As you consider these alternatives, one may well rise to the surface as the best fit. But if the choice still seems perplexing, consider the fresh perspective and clarity that an outside expert can provide, especially one with experience in medical practice marketing that has guided practices away from their “seat-of-the-pants approach” to strategy-fueled success.

Works Cited

About the Author

Gail Schwartz has an extensive background in planning and executing strategic marketing and branding initiatives for entire healthcare organizations and specialty service lines. Her work has been recognized with Aster Awards, Healthcare Advertising Awards, and Quest Awards. Gail can be reached at (717) 852-7171 or

Welcome New Members

Our membership continues to grow! Take a look at the list of healthcare professionals and students who have recently joined NCMGMA (May 23, 2018 through June 26, 2018):


Mark Falls, Blue Ridge Pediatrics, Raleigh, NC
Michael Griffin, Beacon Prosthetics & Orthotics, Raleigh, NC
Darci Harvey, EmergeOrtho, PA, Hickory, NC
Laura Hill, Mt. Olive Family Medicine Center, Inc., Mount Olive, NC
Kenneth Johnson, Vidant Medical Group, Greenville, NC
Robert Martin, Atrium Health, Charlotte, NC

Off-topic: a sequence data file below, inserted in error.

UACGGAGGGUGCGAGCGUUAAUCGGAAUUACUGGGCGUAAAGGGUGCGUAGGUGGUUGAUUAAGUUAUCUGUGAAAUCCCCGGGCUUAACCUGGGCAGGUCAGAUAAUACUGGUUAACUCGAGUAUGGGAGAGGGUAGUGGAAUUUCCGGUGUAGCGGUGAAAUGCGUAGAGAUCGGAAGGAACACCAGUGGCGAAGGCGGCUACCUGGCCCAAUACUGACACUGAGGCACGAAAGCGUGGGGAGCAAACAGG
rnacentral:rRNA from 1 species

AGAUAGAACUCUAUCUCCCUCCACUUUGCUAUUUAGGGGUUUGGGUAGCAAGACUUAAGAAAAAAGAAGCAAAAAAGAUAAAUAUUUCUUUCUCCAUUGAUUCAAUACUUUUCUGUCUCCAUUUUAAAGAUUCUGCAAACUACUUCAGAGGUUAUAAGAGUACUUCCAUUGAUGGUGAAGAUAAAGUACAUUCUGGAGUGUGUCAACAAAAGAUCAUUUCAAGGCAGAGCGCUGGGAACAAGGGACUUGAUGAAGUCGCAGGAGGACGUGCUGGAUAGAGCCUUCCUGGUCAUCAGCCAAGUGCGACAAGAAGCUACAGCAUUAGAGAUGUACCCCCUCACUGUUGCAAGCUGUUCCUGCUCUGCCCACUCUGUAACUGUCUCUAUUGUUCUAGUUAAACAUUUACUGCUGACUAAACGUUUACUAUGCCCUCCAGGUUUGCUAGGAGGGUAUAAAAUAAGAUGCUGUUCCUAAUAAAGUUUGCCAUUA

Nancy Pajdo, UNC Specialty Care at Sanford / UNCPN, Sanford, NC
Pamela Petersen, Baby + Company, Clayton, NC
Jackie Plemmons, The Family Health Centers, Asheville, NC
Jennifer Sheppard, Carolina Urology Partners, Huntersville, NC
Cindy Womble, Durham Women’s Clinic, Durham, NC


Kate Edwards, MSOC Health, Chapel Hill, NC
Zach O’Connell, Biz Technology Solutions, Inc., Mooresville, NC


Reagan Childers, Appalachian State University, Kings Mountain, NC
Gauri Joshi, University of North Carolina at Chapel Hill, Morrisville, NC


Director Positions Open on NCMGMA Board

Western Region Director and Eastern Region Director
Positions Open

NCMGMA Members: Nominations are being solicited from our Active and Affiliate members to serve on the NCMGMA Board of Directors. In accordance with our bylaws, there will be two (2) open positions on the Board of Directors as an at-large member beginning November 1st, which are both three (3) year terms. Candidates will only be accepted from the Western and Eastern regions to fill these vacancies.

NCMGMA regions are outlined in the map (PDF) found at the following link.